Le Grand Meaulnes

( 1 )


The only novel by a brilliant young man who was killed in action in 1914 at the age of twenty-seven, it is a masterly exploration of the twilight world between boyhood and manhood, with its mixture of idealism, realism and sheer caprice.

But that is not its only magic - there is a magic of setting, of narrative, of the haunting beauty of the heroine, of the inexplicable elusiveness of the 'lost domain' itself...

Alain-Fournier's ...

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Le Grand Meaulnes

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The only novel by a brilliant young man who was killed in action in 1914 at the age of twenty-seven, it is a masterly exploration of the twilight world between boyhood and manhood, with its mixture of idealism, realism and sheer caprice.

But that is not its only magic - there is a magic of setting, of narrative, of the haunting beauty of the heroine, of the inexplicable elusiveness of the 'lost domain' itself...

Alain-Fournier's first and only novel, published in 1913, frequently translated as The Wanderer or The Lost Domain.

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What People Are Saying

"A classic of immaturity and adolescence...hopelessly..., Greece and even magic."
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Product Details

  • ISBN-13: 9783849141097
  • Publication date: 11/22/2012
  • Language: French
  • Pages: 196
  • Product dimensions: 5.00 (w) x 8.00 (h) x 0.50 (d)

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Chapter One


He appeared at our house on a Sunday in November 189...

    I still say 'our' house though it is ours no longer; nearly fifteen years have passed since we left the neighbourhood, and we shall not be going back to it.

    We lived on the premises of the secondary school at Sainte- Agathe. My father, whom I called Monsieur Seurei just like the other boys, was in charge of the upper form where you qualified for a teacher's certificate. He taught the lower form as well, leaving the younger boys to my mother.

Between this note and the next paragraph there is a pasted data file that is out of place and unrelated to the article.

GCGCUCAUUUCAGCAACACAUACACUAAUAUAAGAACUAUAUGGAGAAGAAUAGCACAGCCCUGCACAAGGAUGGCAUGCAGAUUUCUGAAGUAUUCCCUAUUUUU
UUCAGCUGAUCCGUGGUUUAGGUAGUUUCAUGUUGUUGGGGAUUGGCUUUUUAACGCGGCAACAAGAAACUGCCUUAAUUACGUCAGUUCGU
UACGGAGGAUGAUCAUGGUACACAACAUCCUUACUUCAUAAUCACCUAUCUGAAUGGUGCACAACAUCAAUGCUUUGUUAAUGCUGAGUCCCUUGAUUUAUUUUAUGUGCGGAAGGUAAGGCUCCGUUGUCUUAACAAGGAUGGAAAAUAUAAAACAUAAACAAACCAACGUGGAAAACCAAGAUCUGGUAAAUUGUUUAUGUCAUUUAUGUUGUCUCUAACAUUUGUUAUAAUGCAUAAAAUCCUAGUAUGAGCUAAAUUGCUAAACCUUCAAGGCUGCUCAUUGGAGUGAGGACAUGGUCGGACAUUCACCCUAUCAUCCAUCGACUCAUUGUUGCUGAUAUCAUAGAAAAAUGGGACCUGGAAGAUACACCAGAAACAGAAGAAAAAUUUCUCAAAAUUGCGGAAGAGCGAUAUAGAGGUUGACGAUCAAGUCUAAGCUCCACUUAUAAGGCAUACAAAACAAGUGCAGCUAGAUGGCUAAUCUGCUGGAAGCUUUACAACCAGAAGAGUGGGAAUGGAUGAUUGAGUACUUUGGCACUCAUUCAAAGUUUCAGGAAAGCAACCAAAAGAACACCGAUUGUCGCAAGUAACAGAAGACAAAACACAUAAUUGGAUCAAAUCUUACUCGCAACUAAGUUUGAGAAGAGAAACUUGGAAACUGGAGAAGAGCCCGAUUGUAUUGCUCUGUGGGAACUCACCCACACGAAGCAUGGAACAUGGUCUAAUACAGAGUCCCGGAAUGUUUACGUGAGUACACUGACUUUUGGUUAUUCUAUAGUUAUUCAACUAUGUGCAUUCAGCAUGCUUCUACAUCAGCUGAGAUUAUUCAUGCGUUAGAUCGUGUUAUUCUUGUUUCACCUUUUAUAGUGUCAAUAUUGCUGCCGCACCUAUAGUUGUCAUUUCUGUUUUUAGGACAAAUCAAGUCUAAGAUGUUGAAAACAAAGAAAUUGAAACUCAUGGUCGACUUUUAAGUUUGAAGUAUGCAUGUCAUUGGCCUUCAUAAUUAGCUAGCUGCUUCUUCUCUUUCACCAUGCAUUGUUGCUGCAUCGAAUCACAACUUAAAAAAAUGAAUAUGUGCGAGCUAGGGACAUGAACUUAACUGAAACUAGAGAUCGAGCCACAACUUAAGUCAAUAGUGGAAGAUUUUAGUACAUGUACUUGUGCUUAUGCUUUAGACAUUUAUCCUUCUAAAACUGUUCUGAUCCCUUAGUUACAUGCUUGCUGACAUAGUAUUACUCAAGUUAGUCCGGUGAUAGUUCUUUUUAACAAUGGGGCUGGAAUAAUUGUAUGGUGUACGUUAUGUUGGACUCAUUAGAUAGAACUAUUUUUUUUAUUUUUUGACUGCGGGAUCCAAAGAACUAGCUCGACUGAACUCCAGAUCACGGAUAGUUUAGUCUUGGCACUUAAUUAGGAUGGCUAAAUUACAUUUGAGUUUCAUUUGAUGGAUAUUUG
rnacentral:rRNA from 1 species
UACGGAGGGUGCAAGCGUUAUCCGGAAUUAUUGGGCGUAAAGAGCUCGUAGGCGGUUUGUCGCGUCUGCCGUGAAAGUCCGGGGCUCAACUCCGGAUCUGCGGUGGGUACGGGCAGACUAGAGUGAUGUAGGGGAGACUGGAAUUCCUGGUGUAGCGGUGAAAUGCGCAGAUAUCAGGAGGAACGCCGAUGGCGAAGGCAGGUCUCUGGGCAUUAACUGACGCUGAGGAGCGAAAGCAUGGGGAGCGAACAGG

It was a long red building standing on the edge of the village. It was draped in virginia-creeper and had five door-windows opening on a very large courtyard used as a playground and partly roofed over as a shelter in bad weather. There was a wash-house on one side, and a huge gateway gave direct access to the village. A smaller gate on the north side of the courtyard opened on the road to the railway station three kilometres distant. To the south, gardens, fields, and meadows stretched away to the boundaries of the commune. This was the setting in which the most troubled and most precious days of my life were lived: an abode from which our adventurings flowed out, to flow back again like waves breaking on a lonely headland.

    Some pencil checking the rota, or the decision of some inspector or Prefect, had landed us there, and towards the end of the summer holidays, one day long ago, a farmer's cart, preceding our household goods, set us down, mymother and me, before the rusty little gate. Some children who had been stealing peaches in the garden scuttled off through a gap in the hedge . . . My mother – we called her Millie – the most meticulous housewife ever known, hurried indoors through rooms littered with dust and straw and came to the despairing conclusion, as she did whenever we moved, that our furniture couldn't possibly be fitted into such awkward spaces... So out she came to share her woes with me, and while she lamented she kept rubbing away at my childish features with a handkerchief to remove the grime of the journey. Then back again to make an inventory of doors and windows that would have to be blocked before the place was habitable... As for me, I stood there on the gravel of this alien courtyard under a wide-brimmed straw hat adorned with ribbons, just waiting, or at most making a tentative survey of the well and the playground.

    At least that is how I now 'imagine' our arrival, for no sooner do I try to recapture my state of vague expectation on that first evening in our courtyard at Sainte-Agathe than memory conjures up other states of expectation: I see myself, both hands pressed against the bars of the main gateway, anxiously on the look-out for someone who will be striding down the village street. And if I try to visualize the first night I had to spend in my attic room between the store-rooms, my mind evokes other nights: I am no longer alone in the room; a tall shadow moves across the wall, to and fro, restless and friendly. The whole peaceful setting – the school, old Martin's field with its three walnut trees, the garden which after four o'clock was invaded by women visitors – is in my thoughts for ever disturbed, transformed once and for all by the presence of one who completely unsettled our adolescence and who, even when gone from us, gave us no respite.

    And yet we had been there ten whole years when Meaulnes first came on the scene.